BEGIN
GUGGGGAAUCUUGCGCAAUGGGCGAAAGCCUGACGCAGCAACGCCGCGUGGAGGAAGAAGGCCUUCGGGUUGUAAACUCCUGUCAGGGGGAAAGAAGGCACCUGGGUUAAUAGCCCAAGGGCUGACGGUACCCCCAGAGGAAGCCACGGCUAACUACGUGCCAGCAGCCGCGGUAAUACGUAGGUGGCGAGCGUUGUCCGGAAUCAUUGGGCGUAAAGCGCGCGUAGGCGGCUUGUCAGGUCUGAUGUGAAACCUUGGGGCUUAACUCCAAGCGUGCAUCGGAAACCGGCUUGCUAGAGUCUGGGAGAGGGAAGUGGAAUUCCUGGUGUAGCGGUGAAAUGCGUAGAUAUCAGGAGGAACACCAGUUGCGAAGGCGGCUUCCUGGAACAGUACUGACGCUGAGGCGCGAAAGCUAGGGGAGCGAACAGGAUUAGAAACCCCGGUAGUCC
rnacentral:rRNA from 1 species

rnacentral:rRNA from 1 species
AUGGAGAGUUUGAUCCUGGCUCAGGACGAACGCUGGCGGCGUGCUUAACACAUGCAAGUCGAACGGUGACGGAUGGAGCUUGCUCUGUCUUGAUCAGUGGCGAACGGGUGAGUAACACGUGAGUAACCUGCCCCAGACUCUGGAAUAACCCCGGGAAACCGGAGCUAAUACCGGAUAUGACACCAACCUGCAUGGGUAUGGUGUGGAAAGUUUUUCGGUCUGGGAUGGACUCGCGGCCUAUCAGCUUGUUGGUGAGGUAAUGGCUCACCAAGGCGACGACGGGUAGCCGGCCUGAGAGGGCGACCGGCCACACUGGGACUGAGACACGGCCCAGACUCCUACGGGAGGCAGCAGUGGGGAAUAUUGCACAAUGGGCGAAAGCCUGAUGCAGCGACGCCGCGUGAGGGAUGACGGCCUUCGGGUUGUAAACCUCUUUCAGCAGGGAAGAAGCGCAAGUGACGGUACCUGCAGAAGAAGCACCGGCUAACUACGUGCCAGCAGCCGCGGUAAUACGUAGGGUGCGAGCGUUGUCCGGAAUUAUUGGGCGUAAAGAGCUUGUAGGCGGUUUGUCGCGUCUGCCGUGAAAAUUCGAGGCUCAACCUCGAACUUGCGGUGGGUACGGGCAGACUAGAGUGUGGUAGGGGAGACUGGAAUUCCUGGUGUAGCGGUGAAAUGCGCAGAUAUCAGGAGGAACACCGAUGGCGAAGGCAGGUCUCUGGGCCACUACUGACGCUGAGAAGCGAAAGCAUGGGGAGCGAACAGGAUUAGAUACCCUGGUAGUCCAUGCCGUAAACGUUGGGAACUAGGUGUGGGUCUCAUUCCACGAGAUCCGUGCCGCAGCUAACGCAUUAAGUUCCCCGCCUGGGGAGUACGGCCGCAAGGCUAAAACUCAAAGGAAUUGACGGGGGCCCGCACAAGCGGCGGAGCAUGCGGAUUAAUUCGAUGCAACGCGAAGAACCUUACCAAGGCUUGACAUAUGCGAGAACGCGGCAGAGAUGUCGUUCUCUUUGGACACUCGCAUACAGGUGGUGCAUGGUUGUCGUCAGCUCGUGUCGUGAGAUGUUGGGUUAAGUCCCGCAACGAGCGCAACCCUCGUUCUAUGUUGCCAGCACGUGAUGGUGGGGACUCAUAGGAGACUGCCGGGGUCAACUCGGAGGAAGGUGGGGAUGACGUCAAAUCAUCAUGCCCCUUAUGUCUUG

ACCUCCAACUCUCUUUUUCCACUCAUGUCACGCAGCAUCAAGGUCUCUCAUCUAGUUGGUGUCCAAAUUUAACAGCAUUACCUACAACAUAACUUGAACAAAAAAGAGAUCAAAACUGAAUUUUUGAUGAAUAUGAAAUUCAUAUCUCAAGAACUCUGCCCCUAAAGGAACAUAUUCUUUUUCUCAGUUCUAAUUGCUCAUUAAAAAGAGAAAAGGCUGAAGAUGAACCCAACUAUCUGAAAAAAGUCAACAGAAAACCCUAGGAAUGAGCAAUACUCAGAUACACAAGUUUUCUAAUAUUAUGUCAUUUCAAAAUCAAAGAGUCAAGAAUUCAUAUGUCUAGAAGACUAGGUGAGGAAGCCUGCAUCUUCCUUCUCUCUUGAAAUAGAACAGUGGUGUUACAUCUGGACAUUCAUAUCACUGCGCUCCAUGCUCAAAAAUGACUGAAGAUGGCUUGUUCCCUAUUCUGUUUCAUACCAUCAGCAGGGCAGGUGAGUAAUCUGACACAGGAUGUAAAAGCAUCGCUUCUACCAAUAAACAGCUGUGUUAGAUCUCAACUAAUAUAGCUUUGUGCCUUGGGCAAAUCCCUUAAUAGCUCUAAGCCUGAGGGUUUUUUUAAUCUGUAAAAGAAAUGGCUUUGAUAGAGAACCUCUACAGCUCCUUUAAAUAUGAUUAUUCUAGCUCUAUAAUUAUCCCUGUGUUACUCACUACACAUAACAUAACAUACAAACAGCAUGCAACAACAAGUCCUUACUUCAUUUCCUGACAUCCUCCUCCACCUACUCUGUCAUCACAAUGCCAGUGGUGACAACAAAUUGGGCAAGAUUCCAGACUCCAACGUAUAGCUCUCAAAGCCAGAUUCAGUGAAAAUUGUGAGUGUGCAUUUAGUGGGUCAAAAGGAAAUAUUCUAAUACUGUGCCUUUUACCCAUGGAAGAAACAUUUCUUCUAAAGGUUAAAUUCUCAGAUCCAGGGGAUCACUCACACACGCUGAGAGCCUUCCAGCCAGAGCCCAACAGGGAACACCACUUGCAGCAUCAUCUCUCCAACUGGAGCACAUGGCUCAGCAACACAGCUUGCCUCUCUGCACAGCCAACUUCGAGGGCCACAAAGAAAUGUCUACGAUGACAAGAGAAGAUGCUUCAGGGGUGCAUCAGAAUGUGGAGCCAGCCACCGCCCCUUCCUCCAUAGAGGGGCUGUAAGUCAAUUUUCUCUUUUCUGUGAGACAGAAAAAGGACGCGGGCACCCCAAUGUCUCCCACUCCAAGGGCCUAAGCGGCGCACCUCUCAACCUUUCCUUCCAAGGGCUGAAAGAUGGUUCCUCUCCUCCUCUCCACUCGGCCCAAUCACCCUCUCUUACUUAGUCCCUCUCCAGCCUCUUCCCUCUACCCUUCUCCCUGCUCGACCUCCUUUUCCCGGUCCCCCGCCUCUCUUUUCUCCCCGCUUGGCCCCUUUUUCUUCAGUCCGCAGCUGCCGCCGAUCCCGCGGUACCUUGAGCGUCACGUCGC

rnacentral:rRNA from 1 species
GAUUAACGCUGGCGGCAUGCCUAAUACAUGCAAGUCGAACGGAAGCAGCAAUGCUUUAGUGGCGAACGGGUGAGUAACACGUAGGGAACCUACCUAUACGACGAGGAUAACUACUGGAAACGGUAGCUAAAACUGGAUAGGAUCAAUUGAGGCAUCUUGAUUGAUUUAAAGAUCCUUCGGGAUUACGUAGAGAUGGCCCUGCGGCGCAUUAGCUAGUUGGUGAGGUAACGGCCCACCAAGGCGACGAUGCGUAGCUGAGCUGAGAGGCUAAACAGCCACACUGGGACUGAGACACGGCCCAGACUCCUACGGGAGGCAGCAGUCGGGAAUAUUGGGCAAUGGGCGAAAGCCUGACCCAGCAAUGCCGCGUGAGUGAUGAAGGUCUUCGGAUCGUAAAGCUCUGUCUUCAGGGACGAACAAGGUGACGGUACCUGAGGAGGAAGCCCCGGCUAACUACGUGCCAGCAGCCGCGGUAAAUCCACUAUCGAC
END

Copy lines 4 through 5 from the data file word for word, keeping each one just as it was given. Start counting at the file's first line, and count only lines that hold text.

AUGGAGAGUUUGAUCCUGGCUCAGGACGAACGCUGGCGGCGUGCUUAACACAUGCAAGUCGAACGGUGACGGAUGGAGCUUGCUCUGUCUUGAUCAGUGGCGAACGGGUGAGUAACACGUGAGUAACCUGCCCCAGACUCUGGAAUAACCCCGGGAAACCGGAGCUAAUACCGGAUAUGACACCAACCUGCAUGGGUAUGGUGUGGAAAGUUUUUCGGUCUGGGAUGGACUCGCGGCCUAUCAGCUUGUUGGUGAGGUAAUGGCUCACCAAGGCGACGACGGGUAGCCGGCCUGAGAGGGCGACCGGCCACACUGGGACUGAGACACGGCCCAGACUCCUACGGGAGGCAGCAGUGGGGAAUAUUGCACAAUGGGCGAAAGCCUGAUGCAGCGACGCCGCGUGAGGGAUGACGGCCUUCGGGUUGUAAACCUCUUUCAGCAGGGAAGAAGCGCAAGUGACGGUACCUGCAGAAGAAGCACCGGCUAACUACGUGCCAGCAGCCGCGGUAAUACGUAGGGUGCGAGCGUUGUCCGGAAUUAUUGGGCGUAAAGAGCUUGUAGGCGGUUUGUCGCGUCUGCCGUGAAAAUUCGAGGCUCAACCUCGAACUUGCGGUGGGUACGGGCAGACUAGAGUGUGGUAGGGGAGACUGGAAUUCCUGGUGUAGCGGUGAAAUGCGCAGAUAUCAGGAGGAACACCGAUGGCGAAGGCAGGUCUCUGGGCCACUACUGACGCUGAGAAGCGAAAGCAUGGGGAGCGAACAGGAUUAGAUACCCUGGUAGUCCAUGCCGUAAACGUUGGGAACUAGGUGUGGGUCUCAUUCCACGAGAUCCGUGCCGCAGCUAACGCAUUAAGUUCCCCGCCUGGGGAGUACGGCCGCAAGGCUAAAACUCAAAGGAAUUGACGGGGGCCCGCACAAGCGGCGGAGCAUGCGGAUUAAUUCGAUGCAACGCGAAGAACCUUACCAAGGCUUGACAUAUGCGAGAACGCGGCAGAGAUGUCGUUCUCUUUGGACACUCGCAUACAGGUGGUGCAUGGUUGUCGUCAGCUCGUGUCGUGAGAUGUUGGGUUAAGUCCCGCAACGAGCGCAACCCUCGUUCUAUGUUGCCAGCACGUGAUGGUGGGGACUCAUAGGAGACUGCCGGGGUCAACUCGGAGGAAGGUGGGGAUGACGUCAAAUCAUCAUGCCCCUUAUGUCUUG

ACCUCCAACUCUCUUUUUCCACUCAUGUCACGCAGCAUCAAGGUCUCUCAUCUAGUUGGUGUCCAAAUUUAACAGCAUUACCUACAACAUAACUUGAACAAAAAAGAGAUCAAAACUGAAUUUUUGAUGAAUAUGAAAUUCAUAUCUCAAGAACUCUGCCCCUAAAGGAACAUAUUCUUUUUCUCAGUUCUAAUUGCUCAUUAAAAAGAGAAAAGGCUGAAGAUGAACCCAACUAUCUGAAAAAAGUCAACAGAAAACCCUAGGAAUGAGCAAUACUCAGAUACACAAGUUUUCUAAUAUUAUGUCAUUUCAAAAUCAAAGAGUCAAGAAUUCAUAUGUCUAGAAGACUAGGUGAGGAAGCCUGCAUCUUCCUUCUCUCUUGAAAUAGAACAGUGGUGUUACAUCUGGACAUUCAUAUCACUGCGCUCCAUGCUCAAAAAUGACUGAAGAUGGCUUGUUCCCUAUUCUGUUUCAUACCAUCAGCAGGGCAGGUGAGUAAUCUGACACAGGAUGUAAAAGCAUCGCUUCUACCAAUAAACAGCUGUGUUAGAUCUCAACUAAUAUAGCUUUGUGCCUUGGGCAAAUCCCUUAAUAGCUCUAAGCCUGAGGGUUUUUUUAAUCUGUAAAAGAAAUGGCUUUGAUAGAGAACCUCUACAGCUCCUUUAAAUAUGAUUAUUCUAGCUCUAUAAUUAUCCCUGUGUUACUCACUACACAUAACAUAACAUACAAACAGCAUGCAACAACAAGUCCUUACUUCAUUUCCUGACAUCCUCCUCCACCUACUCUGUCAUCACAAUGCCAGUGGUGACAACAAAUUGGGCAAGAUUCCAGACUCCAACGUAUAGCUCUCAAAGCCAGAUUCAGUGAAAAUUGUGAGUGUGCAUUUAGUGGGUCAAAAGGAAAUAUUCUAAUACUGUGCCUUUUACCCAUGGAAGAAACAUUUCUUCUAAAGGUUAAAUUCUCAGAUCCAGGGGAUCACUCACACACGCUGAGAGCCUUCCAGCCAGAGCCCAACAGGGAACACCACUUGCAGCAUCAUCUCUCCAACUGGAGCACAUGGCUCAGCAACACAGCUUGCCUCUCUGCACAGCCAACUUCGAGGGCCACAAAGAAAUGUCUACGAUGACAAGAGAAGAUGCUUCAGGGGUGCAUCAGAAUGUGGAGCCAGCCACCGCCCCUUCCUCCAUAGAGGGGCUGUAAGUCAAUUUUCUCUUUUCUGUGAGACAGAAAAAGGACGCGGGCACCCCAAUGUCUCCCACUCCAAGGGCCUAAGCGGCGCACCUCUCAACCUUUCCUUCCAAGGGCUGAAAGAUGGUUCCUCUCCUCCUCUCCACUCGGCCCAAUCACCCUCUCUUACUUAGUCCCUCUCCAGCCUCUUCCCUCUACCCUUCUCCCUGCUCGACCUCCUUUUCCCGGUCCCCCGCCUCUCUUUUCUCCCCGCUUGGCCCCUUUUUCUUCAGUCCGCAGCUGCCGCCGAUCCCGCGGUACCUUGAGCGUCACGUCGC